Agflation in the global market place

NFU president Peter Kendall and HSBC’s Martin Coward will launch the forums with a detailed look at agricultural inflation in the highly volatile global markets and give a prognosis for the coming seasons.

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The debate will identify the underlying drivers of the rapid inflation seen in food prices and the resulting impact on market stability. The speakers will also examine the unpredictability of agricultural commodity prices and the impact of the economic situation in the USA, EU and the UK on currency, inflation and interest rates.

“It is worth remembering that LIFFE wheat futures only broke through the £100/t level in April last year,” says Mr Coward.

“With global wheat stocks at a historically low level, markets are likely to remain nervous and volatile in the months ahead. The market is extremely vulnerable to another poor harvest, so news tending towards that outcome could send prices surging still higher.

“But at a more fundamental level, it is argued that the supply position is likely to remain tight into the medium/long term because of the rising demand for foodstuffs and animal feeds in fast-growing emerging economies, and by the rapid growth in the use of biofuels.”

Collaboration brings lucrative wheat deal

This forum examines a joint vertical grain-chain venture which has secured a two-year deal to supply Sainsbury’s in-store bakeries with wheat – the first deal of its kind in the arable supply chain.

The initiative was made possible on the back of a two-year programme implemented by English Farming and Food Partnerships which focused on developing the business strategies of Camgrain and Grainfarmers.

“For the first time, British arable farmers have a direct relationship with a specific retailer for in-store bakery bread, and Sainsbury’s customers know the provenance of their loaves,” explains Siôn Roberts, EFFP chief executive.

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“This long-standing commitment by Sainsbury’s is a great example of how farmer-controlled businesses can add value to their members and British farmers. Sceptics have long suggested that arable farmers are too far removed from the market to be able to add value and develop relationships with customers like Sainsbury’s, but this initiative has proved detractors wrong.”

Mr Roberts will also explain to forum-goers how EFFP has helped to establish a similar whole-chain venture, a link between Grainfarmers, Centaur Grain and logistics giant DHL to improve the supply of bulk grain supplies to Rank Hovis.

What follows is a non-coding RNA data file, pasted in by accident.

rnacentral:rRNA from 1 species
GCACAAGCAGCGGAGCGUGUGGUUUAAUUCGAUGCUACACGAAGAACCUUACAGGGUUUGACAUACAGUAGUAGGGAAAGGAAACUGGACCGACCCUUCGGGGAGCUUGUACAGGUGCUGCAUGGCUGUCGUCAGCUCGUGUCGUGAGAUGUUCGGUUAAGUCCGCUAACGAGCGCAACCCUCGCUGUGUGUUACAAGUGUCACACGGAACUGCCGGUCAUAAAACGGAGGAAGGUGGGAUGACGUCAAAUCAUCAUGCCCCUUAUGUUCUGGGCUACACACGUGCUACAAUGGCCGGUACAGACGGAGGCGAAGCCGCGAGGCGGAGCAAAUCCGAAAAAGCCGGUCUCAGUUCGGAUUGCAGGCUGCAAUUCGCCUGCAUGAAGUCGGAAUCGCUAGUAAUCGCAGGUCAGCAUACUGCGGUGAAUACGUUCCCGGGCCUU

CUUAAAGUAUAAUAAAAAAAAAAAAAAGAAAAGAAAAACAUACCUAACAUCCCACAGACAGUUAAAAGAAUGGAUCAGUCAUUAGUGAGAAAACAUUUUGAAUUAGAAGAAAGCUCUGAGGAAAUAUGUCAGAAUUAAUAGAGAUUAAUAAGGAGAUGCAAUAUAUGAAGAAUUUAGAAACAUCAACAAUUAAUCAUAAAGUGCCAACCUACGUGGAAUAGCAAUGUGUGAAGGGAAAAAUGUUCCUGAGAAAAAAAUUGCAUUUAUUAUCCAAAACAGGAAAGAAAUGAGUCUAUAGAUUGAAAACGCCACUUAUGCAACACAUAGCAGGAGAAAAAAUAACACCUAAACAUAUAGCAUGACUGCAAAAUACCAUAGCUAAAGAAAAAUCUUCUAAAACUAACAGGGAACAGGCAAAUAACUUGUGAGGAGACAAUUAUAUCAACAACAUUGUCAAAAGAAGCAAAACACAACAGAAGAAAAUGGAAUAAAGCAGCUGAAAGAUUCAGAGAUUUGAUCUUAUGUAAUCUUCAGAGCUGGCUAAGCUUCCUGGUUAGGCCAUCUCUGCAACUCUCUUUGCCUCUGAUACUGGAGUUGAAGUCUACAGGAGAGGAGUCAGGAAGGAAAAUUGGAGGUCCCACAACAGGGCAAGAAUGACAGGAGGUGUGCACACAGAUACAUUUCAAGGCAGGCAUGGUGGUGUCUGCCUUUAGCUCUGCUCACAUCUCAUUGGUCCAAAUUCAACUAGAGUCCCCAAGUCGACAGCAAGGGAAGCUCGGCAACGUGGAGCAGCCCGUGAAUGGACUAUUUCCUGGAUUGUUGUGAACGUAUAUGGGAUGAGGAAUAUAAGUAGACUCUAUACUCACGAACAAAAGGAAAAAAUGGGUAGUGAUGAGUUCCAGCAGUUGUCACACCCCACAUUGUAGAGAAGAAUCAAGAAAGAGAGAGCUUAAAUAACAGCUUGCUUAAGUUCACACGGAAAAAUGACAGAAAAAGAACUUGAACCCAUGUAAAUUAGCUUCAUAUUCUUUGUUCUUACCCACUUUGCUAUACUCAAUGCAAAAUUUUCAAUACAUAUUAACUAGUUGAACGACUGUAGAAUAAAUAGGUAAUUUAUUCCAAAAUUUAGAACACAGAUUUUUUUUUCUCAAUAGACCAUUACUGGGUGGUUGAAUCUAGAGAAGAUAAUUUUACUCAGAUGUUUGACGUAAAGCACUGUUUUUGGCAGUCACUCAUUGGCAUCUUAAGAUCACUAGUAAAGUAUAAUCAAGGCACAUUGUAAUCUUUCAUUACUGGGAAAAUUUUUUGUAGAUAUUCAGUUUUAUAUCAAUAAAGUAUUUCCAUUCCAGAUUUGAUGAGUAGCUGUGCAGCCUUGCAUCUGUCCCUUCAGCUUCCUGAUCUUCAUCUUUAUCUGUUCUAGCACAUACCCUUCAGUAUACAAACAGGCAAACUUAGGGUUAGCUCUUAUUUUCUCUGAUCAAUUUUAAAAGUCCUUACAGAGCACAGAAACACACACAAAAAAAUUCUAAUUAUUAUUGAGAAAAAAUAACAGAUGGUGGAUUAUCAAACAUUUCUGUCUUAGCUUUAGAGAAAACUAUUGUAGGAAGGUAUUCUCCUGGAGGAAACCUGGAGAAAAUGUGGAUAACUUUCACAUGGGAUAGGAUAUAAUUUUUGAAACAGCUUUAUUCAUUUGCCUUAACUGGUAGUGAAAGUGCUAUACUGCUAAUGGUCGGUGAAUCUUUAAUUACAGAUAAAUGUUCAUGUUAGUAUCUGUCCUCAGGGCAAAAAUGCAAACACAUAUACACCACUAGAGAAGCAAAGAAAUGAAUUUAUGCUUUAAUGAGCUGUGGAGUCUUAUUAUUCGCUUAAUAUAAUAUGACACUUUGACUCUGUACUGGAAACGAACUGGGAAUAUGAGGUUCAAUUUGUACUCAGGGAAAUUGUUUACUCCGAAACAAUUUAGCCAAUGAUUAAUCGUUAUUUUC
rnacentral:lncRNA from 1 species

“Both of these projects demonstrate the significant benefits that collaboration between farmers and the food chain can bring.”

Carbon, climate change and water debate hits Cereals

Farmer and Farmers Weekly columnist Hugh Broom and a climate change expert will debate the big issues facing the UK arable sector. All event visitors will be encouraged to hear what science, economics and practicalities the speakers consider the UK arable sector needs to adopt to develop a “lower footprint” future.

“There’s no doubt that there are massive environmental and resource issues for agricultural producers and the key ones are water, energy and nitrogen,” says Mr Broom.

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“The grain market could almost be considered a pseudo-trade for water availability, given that it takes 1000 litres of water to produce one tonne of grain. We complain in this country about reduced rainfall in regions like East Anglia, but our position bears no comparison with other regions of the world.

“Egypt is a very good example of how a lack of water can radically change a country from a net exporter of grain to one reliant on the import of significant tonnages to meet their domestic needs. The reason is the Nile is drying up because of all the damming and water abstraction along the river’s length.”

Alongside the concerns for the long-term future of oil, Mr Broom also makes the point that nitrogen availability is a concern. “Ammonium nitrate’s future creates a dilemma given the huge amount of energy in the form of natural gas required to produce it. Nitrogen costs have trebled over the past three years, but without it we are stuffed in this country.

“I’m not saying that we all need to move to extensive organic systems, but we do need to be open-minded to other management approaches for both environmental and resource availability reasons.”

On the issue of farming’s carbon footprint, Mr Broom makes a provocative point about where the focus should be: “The energy requirements for front-end production of food are very small in comparison with the energy required to process, transport and refrigerate food further along the chain. At the moment sourcing local from places like Borough Market is trendy in the future it’s likely to be essential.”

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